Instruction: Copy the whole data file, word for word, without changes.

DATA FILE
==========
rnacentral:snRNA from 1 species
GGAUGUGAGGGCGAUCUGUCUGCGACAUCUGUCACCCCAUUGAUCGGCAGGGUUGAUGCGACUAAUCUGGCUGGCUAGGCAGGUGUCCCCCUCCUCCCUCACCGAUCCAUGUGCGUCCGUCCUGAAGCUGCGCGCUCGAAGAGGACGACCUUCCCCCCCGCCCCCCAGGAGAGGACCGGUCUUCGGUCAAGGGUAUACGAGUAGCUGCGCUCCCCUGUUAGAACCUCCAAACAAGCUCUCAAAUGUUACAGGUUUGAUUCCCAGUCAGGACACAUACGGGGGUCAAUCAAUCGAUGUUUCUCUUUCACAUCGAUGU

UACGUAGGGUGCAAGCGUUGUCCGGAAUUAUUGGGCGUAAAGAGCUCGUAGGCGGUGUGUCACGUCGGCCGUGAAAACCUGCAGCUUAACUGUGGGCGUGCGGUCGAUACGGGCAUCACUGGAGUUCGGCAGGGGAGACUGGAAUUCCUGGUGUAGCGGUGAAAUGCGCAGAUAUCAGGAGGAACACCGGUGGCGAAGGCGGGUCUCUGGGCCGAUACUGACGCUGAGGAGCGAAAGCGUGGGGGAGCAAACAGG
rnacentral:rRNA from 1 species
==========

rnacentral:snRNA from 1 species
GGAUGUGAGGGCGAUCUGUCUGCGACAUCUGUCACCCCAUUGAUCGGCAGGGUUGAUGCGACUAAUCUGGCUGGCUAGGCAGGUGUCCCCCUCCUCCCUCACCGAUCCAUGUGCGUCCGUCCUGAAGCUGCGCGCUCGAAGAGGACGACCUUCCCCCCCGCCCCCCAGGAGAGGACCGGUCUUCGGUCAAGGGUAUACGAGUAGCUGCGCUCCCCUGUUAGAACCUCCAAACAAGCUCUCAAAUGUUACAGGUUUGAUUCCCAGUCAGGACACAUACGGGGGUCAAUCAAUCGAUGUUUCUCUUUCACAUCGAUGU

UACGUAGGGUGCAAGCGUUGUCCGGAAUUAUUGGGCGUAAAGAGCUCGUAGGCGGUGUGUCACGUCGGCCGUGAAAACCUGCAGCUUAACUGUGGGCGUGCGGUCGAUACGGGCAUCACUGGAGUUCGGCAGGGGAGACUGGAAUUCCUGGUGUAGCGGUGAAAUGCGCAGAUAUCAGGAGGAACACCGGUGGCGAAGGCGGGUCUCUGGGCCGAUACUGACGCUGAGGAGCGAAAGCGUGGGGGAGCAAACAGG
rnacentral:rRNA from 1 species